Two-Spirit & LGBtQ+ Native Writing
In the last few decades, Native literature by LGBTQ+ and Two-Spirit writers has gained more prominence and recognition. Well into the 20th century, Native writers who identified as LGBTQ+ or Two-Spirit were not only marginalized like their non-Native counterparts, but also suffered historical erasure through European colonization and attitudes towards sexual identity. Thus, identifying as Two-Spirit is often seen as an act of decolonization. Two-Spirit individuals frequently identify as third or fourth gender, thereby rejecting Western sexual mores and binary gender norms.
It is important to recognize that “Two-Spirit” is not a monolithic category. Different Native groups have a variety of understandings and social contexts under which to understand Two-Spirit, as well as LGBTQ+ identity. An excellent place to start reading is the anthology, Sovereign Erotics: A Collection of Two-Spirit Literature. This landmark collection of fiction, nonfiction, and poetry, shows the diversity and brilliance of Native LGBTQ+ and Two-Spirit writing. It contains established writers such as Paula Gunn Allen and Maurice Kenny, as well as newer heavyweights including the poet and scholar Qwo-Li Driskell. Driskell’s poem, “Love Poem, After Arizona,” perfectly showcases the strong inclination towards decolonization in Two-Spirit literature. That, and hir lines are romantic, tender, and beautiful:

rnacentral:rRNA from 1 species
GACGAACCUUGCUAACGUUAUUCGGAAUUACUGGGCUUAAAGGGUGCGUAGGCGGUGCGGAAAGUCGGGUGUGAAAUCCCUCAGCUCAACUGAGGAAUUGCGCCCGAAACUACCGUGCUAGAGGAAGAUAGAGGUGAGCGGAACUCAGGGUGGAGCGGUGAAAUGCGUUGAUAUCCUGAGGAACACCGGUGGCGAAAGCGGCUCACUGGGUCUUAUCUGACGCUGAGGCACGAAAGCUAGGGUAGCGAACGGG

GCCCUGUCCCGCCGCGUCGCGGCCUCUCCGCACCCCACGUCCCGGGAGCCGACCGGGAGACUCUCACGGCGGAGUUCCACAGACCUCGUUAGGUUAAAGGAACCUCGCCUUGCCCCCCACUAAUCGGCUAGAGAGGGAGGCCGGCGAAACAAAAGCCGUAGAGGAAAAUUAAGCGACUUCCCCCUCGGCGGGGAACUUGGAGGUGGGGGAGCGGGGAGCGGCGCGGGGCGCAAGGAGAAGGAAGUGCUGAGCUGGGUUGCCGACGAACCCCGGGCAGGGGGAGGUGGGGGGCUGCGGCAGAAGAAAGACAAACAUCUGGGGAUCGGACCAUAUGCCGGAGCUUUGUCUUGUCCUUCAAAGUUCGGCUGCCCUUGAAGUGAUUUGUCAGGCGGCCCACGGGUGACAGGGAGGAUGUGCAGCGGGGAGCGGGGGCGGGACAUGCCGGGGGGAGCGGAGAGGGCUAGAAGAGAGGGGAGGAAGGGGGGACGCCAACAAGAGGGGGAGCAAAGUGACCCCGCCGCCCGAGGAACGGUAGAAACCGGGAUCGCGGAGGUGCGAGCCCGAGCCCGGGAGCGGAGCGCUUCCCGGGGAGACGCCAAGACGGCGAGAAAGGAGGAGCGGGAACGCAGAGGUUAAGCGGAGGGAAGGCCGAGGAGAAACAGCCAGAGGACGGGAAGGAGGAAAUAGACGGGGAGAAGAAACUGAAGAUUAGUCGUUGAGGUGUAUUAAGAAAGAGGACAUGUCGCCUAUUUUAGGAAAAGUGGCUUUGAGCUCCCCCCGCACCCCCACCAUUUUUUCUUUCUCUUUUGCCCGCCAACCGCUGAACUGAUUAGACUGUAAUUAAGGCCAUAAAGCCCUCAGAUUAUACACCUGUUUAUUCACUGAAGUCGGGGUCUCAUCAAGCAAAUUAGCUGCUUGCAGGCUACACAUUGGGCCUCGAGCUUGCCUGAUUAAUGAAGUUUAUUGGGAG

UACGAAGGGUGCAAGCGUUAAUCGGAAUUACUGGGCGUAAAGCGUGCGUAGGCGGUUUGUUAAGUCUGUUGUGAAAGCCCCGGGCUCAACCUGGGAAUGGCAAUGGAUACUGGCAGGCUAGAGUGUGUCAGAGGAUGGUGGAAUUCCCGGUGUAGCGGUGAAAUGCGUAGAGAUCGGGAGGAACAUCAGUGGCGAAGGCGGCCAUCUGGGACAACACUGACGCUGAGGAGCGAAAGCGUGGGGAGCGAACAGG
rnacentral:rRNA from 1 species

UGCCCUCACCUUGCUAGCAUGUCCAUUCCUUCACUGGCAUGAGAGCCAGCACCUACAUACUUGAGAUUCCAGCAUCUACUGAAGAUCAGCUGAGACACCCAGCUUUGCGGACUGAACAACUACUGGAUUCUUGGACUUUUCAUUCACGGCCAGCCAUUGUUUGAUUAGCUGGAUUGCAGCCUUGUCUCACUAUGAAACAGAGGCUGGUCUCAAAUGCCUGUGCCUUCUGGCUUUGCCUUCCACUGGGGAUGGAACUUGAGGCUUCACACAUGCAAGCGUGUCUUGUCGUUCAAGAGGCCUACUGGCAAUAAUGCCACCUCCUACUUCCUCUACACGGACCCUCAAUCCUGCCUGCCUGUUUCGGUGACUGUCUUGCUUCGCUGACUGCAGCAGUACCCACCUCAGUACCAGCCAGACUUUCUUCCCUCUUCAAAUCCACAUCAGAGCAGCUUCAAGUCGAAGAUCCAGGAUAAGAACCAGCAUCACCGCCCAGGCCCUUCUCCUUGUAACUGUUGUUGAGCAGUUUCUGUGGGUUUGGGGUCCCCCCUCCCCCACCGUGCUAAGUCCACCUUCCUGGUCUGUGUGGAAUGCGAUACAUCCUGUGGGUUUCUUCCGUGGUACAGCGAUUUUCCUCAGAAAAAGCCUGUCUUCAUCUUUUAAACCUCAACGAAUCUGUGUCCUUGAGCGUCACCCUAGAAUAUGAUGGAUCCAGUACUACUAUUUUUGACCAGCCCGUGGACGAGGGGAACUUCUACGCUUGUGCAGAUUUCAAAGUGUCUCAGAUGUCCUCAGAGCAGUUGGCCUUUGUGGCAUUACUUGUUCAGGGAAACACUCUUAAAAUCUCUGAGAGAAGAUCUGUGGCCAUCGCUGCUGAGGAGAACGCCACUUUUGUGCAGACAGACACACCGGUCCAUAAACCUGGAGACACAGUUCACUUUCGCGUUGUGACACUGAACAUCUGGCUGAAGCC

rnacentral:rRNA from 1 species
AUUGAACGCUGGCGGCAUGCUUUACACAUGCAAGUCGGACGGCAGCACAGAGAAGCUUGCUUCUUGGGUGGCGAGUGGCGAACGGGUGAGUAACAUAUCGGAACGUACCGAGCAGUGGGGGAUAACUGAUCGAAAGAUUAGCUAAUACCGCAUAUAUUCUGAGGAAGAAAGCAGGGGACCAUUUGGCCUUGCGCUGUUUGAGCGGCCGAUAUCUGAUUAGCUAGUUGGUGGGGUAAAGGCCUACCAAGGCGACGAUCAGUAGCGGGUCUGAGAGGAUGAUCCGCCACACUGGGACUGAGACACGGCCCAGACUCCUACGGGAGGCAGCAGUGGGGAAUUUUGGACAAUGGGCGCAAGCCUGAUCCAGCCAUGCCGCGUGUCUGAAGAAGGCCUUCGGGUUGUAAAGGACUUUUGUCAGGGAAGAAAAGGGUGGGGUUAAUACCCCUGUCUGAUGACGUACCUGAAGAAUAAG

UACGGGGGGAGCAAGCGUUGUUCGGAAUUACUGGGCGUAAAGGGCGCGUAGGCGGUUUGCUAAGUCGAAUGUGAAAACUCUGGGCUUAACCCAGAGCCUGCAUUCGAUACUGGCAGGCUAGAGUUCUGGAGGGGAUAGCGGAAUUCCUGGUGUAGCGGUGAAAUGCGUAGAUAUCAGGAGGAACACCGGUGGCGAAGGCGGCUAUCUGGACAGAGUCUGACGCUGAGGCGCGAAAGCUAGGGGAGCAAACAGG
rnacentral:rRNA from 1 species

We are two mixed-blood boys
and know empires are never gentle
Take off your Mexica mask
so I can see your beloved
remove your wooden shield
so I can kiss your
taste in your sweat
the iron of Spain
that never conquered us
I know, right?! After checking out Sovereign Erotics, I would recommend reading Ma-Nee Chacaby’s harrowing and moving memoir, A Two-Spirit Journey. If you are looking for fantasy that explores gender and sexuality in a Native context, take a look at Daniel Heath Justice’s epic trilogy, The Way of Thorn and Thunder: The Kynship Chronicles. Finally, if poetry is your thing, check out Gregory Scofield’s Love Medicine and One Song. In many ways, Two-Spirit writing captures the depth and diversity in contemporary Native literature. It celebrates and bears witness to what could not be erased.
Want to continue reading about Native literature? Check out the excellent work done by my fellow Rioters here.